Saturday, February 09, 2013


On the Ninth Day of Darwin

Scientific theories are accepted long before anything like direct proof is provided. For example, when Copernicus enunciated his heliocentric system, scientists immediately selected the observation of stellar parallax as the most significant test of the theory. None was observed until the 1830s -- long after all reasonable men had accepted the heliocentric system. Similarly, not until recently has anything like the observation of a new species of multicellular organisms been observed. ... Yet, few reasonable men withheld consent to the theory that species have evolved and that natural selection is the chief (if not the only) mechanism involved.

For example, even in Darwin's own day, F.J. Pictet contended in his review of the Origin of Species (1860) that he would not accept Darwin's deductions until he saw for himself the evolution of a new organ. By 1864, Pictet had been converted and in 1866 published a paper in support of evolutionary theory. Needless to say, the direct proof he required had not been supplied. Instead, he had been convinced by the numerous indirect proofs of evolutionary theory. On this score special creation and evolution by natural selection were on different footings. No one had seen a new species evolve anymore than they had seen one specially created, but unlike the special creationists, Darwin had presented a mechanism for evolution. Certain implications of his theory could be checked and his theory as a whole gradually confirmed or disconfirmed without the direct observation of species evolving. Special creation was little more than a bald assertion. Whether as a natural event lacking any scientific explanation or as a supernatural event, special creation could be checked only by direct observation.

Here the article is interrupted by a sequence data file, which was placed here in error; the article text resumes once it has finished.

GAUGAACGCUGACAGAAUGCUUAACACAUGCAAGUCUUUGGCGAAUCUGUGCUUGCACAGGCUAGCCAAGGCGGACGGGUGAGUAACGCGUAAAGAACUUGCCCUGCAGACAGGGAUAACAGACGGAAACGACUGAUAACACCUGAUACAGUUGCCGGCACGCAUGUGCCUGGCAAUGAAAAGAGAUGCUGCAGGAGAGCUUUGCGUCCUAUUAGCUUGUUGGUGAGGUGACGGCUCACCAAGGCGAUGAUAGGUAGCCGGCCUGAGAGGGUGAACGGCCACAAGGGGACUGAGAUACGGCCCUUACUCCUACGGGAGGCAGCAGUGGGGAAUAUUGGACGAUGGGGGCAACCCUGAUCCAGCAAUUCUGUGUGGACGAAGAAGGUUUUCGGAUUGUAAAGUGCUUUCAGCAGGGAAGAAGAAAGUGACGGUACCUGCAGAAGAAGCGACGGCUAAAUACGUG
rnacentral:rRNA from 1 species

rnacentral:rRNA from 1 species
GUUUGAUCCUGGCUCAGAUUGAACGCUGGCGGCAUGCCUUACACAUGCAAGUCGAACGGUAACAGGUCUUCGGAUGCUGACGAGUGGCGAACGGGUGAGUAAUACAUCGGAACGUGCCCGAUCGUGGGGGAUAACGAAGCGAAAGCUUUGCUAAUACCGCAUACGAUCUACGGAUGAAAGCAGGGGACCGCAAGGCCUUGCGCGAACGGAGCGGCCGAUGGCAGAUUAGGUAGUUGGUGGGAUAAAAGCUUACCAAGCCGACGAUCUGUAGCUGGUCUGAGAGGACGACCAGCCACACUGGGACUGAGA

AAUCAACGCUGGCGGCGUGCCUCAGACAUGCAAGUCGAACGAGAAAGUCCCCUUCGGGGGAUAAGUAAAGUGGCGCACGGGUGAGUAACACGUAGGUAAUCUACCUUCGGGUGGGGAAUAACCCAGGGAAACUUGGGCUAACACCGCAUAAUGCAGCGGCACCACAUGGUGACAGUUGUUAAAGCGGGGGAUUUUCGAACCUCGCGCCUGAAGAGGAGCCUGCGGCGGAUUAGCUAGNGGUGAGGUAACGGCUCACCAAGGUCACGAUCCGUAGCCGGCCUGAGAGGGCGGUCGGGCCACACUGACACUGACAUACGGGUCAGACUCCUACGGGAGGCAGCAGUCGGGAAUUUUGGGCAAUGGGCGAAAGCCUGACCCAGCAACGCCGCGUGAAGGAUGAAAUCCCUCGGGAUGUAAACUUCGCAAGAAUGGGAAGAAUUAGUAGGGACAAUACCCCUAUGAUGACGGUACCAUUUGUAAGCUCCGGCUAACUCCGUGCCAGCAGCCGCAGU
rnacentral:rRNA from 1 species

- David L. Hull, Darwin and His Critics: The Reception of Darwin's Theory of Evolution by the Scientific Community (1973)

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Hull puts it so well.

What worries me is if Orly Taitz takes up the anti-evolution cause and demands to see Darwin's birth certificate. Otherwise, she'd probably argue, we have no way of knowing whether Darwin was born of human parents, in which case he would qualify for British citizenship, or from monkeys, in which case he wouldn't (not yet, at least) - Learn how to turn $500 into $5,000 in a month!

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